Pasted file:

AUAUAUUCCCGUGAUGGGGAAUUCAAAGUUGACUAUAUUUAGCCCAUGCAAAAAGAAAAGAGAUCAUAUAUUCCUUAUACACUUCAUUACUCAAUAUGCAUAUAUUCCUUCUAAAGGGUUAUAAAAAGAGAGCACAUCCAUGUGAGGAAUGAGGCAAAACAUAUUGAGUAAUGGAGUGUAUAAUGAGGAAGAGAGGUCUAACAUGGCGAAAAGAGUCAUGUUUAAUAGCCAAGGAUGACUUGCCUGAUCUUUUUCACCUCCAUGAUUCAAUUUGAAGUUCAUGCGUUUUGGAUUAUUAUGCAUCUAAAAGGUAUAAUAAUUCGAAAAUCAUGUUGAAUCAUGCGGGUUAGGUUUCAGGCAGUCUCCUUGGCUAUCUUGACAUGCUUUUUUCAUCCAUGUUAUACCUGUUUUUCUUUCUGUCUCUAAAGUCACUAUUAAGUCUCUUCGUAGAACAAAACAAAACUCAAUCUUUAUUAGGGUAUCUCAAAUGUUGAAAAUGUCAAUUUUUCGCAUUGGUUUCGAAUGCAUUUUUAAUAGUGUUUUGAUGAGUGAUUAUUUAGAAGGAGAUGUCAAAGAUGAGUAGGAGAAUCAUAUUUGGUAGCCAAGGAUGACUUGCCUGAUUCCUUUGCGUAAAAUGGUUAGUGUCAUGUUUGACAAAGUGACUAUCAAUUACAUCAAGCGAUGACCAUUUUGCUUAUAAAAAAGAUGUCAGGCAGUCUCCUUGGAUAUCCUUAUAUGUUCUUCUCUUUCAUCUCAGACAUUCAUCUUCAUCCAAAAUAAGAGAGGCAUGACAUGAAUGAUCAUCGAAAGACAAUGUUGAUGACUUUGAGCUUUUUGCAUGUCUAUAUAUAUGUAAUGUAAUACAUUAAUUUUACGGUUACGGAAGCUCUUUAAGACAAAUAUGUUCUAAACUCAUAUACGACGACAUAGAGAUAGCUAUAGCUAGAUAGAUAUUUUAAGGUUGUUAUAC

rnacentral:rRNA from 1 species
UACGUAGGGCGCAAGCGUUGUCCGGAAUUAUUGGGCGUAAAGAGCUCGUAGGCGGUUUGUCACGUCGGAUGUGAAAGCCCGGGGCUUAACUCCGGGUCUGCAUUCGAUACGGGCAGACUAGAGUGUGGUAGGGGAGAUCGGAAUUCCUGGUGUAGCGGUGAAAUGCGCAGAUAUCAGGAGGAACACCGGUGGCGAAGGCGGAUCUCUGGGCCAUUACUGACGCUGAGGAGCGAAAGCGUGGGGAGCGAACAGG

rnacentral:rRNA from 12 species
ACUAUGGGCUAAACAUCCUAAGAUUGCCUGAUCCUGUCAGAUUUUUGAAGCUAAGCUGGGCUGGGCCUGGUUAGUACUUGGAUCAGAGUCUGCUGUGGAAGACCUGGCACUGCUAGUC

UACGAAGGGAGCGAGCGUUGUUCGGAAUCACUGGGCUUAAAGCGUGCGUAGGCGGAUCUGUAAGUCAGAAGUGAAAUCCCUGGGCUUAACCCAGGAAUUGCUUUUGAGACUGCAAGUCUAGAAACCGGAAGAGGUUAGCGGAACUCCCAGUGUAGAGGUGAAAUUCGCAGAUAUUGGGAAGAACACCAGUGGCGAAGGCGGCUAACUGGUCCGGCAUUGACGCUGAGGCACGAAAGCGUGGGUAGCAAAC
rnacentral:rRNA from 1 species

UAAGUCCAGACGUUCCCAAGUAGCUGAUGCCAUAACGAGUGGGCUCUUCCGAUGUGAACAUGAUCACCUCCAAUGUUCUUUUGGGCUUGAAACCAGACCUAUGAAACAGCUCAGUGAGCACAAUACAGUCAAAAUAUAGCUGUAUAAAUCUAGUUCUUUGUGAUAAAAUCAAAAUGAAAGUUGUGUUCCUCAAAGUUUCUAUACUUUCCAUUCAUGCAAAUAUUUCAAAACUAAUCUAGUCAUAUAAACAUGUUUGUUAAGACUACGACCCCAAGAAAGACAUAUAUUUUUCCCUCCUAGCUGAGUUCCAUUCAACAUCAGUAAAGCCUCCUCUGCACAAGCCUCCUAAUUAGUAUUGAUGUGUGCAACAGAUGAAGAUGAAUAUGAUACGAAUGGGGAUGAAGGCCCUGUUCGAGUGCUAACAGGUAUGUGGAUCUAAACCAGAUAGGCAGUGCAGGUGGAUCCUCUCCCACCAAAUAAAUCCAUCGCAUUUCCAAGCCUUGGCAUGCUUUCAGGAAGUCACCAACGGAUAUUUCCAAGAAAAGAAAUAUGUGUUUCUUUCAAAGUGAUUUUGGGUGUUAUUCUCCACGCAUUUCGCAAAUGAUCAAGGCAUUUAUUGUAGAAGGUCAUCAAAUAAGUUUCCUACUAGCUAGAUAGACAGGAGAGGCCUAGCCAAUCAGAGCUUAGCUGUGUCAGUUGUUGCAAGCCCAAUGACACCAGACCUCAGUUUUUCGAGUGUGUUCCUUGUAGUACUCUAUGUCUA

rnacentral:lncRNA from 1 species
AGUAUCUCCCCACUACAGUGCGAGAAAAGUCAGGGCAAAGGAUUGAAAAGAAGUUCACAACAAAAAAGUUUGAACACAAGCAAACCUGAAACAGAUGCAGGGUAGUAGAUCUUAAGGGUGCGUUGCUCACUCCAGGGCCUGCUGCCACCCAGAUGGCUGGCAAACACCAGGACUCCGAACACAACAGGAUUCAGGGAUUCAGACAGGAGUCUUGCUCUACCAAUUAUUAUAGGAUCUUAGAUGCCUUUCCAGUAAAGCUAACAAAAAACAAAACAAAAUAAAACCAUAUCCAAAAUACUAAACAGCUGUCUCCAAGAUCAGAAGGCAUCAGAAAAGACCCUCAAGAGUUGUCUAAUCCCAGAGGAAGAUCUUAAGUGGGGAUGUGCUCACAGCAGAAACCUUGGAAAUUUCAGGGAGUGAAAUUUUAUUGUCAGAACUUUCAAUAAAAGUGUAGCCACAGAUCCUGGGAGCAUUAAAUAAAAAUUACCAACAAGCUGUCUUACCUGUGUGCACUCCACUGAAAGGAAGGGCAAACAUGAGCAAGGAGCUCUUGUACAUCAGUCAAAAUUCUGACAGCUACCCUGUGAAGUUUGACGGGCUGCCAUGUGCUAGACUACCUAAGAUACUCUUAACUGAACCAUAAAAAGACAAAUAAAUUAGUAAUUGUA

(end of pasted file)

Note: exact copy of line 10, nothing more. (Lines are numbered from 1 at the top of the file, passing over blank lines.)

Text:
AGUAUCUCCCCACUACAGUGCGAGAAAAGUCAGGGCAAAGGAUUGAAAAGAAGUUCACAACAAAAAAGUUUGAACACAAGCAAACCUGAAACAGAUGCAGGGUAGUAGAUCUUAAGGGUGCGUUGCUCACUCCAGGGCCUGCUGCCACCCAGAUGGCUGGCAAACACCAGGACUCCGAACACAACAGGAUUCAGGGAUUCAGACAGGAGUCUUGCUCUACCAAUUAUUAUAGGAUCUUAGAUGCCUUUCCAGUAAAGCUAACAAAAAACAAAACAAAAUAAAACCAUAUCCAAAAUACUAAACAGCUGUCUCCAAGAUCAGAAGGCAUCAGAAAAGACCCUCAAGAGUUGUCUAAUCCCAGAGGAAGAUCUUAAGUGGGGAUGUGCUCACAGCAGAAACCUUGGAAAUUUCAGGGAGUGAAAUUUUAUUGUCAGAACUUUCAAUAAAAGUGUAGCCACAGAUCCUGGGAGCAUUAAAUAAAAAUUACCAACAAGCUGUCUUACCUGUGUGCACUCCACUGAAAGGAAGGGCAAACAUGAGCAAGGAGCUCUUGUACAUCAGUCAAAAUUCUGACAGCUACCCUGUGAAGUUUGACGGGCUGCCAUGUGCUAGACUACCUAAGAUACUCUUAACUGAACCAUAAAAAGACAAAUAAAUUAGUAAUUGUA